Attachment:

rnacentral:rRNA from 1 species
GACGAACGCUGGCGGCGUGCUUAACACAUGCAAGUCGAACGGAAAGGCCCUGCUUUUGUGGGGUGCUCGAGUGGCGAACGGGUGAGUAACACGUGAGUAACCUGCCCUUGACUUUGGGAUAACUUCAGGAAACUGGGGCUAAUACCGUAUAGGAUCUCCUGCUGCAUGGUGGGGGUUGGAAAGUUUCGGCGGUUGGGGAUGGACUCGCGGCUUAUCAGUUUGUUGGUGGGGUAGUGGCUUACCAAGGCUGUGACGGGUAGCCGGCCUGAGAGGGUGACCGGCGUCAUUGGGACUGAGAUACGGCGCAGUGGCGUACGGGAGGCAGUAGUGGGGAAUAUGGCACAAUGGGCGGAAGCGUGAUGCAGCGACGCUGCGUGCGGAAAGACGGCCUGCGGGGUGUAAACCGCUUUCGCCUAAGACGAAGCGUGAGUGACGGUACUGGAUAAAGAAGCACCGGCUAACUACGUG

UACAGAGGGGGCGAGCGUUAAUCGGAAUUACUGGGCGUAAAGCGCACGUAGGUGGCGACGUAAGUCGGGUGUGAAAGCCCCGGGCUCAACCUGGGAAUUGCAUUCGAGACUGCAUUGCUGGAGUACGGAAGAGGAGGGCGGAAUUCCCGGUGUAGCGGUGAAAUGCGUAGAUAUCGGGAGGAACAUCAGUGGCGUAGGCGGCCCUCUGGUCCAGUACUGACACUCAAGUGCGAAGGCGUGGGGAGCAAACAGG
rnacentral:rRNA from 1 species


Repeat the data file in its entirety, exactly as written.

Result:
rnacentral:rRNA from 1 species
GACGAACGCUGGCGGCGUGCUUAACACAUGCAAGUCGAACGGAAAGGCCCUGCUUUUGUGGGGUGCUCGAGUGGCGAACGGGUGAGUAACACGUGAGUAACCUGCCCUUGACUUUGGGAUAACUUCAGGAAACUGGGGCUAAUACCGUAUAGGAUCUCCUGCUGCAUGGUGGGGGUUGGAAAGUUUCGGCGGUUGGGGAUGGACUCGCGGCUUAUCAGUUUGUUGGUGGGGUAGUGGCUUACCAAGGCUGUGACGGGUAGCCGGCCUGAGAGGGUGACCGGCGUCAUUGGGACUGAGAUACGGCGCAGUGGCGUACGGGAGGCAGUAGUGGGGAAUAUGGCACAAUGGGCGGAAGCGUGAUGCAGCGACGCUGCGUGCGGAAAGACGGCCUGCGGGGUGUAAACCGCUUUCGCCUAAGACGAAGCGUGAGUGACGGUACUGGAUAAAGAAGCACCGGCUAACUACGUG

UACAGAGGGGGCGAGCGUUAAUCGGAAUUACUGGGCGUAAAGCGCACGUAGGUGGCGACGUAAGUCGGGUGUGAAAGCCCCGGGCUCAACCUGGGAAUUGCAUUCGAGACUGCAUUGCUGGAGUACGGAAGAGGAGGGCGGAAUUCCCGGUGUAGCGGUGAAAUGCGUAGAUAUCGGGAGGAACAUCAGUGGCGUAGGCGGCCCUCUGGUCCAGUACUGACACUCAAGUGCGAAGGCGUGGGGAGCAAACAGG
rnacentral:rRNA from 1 species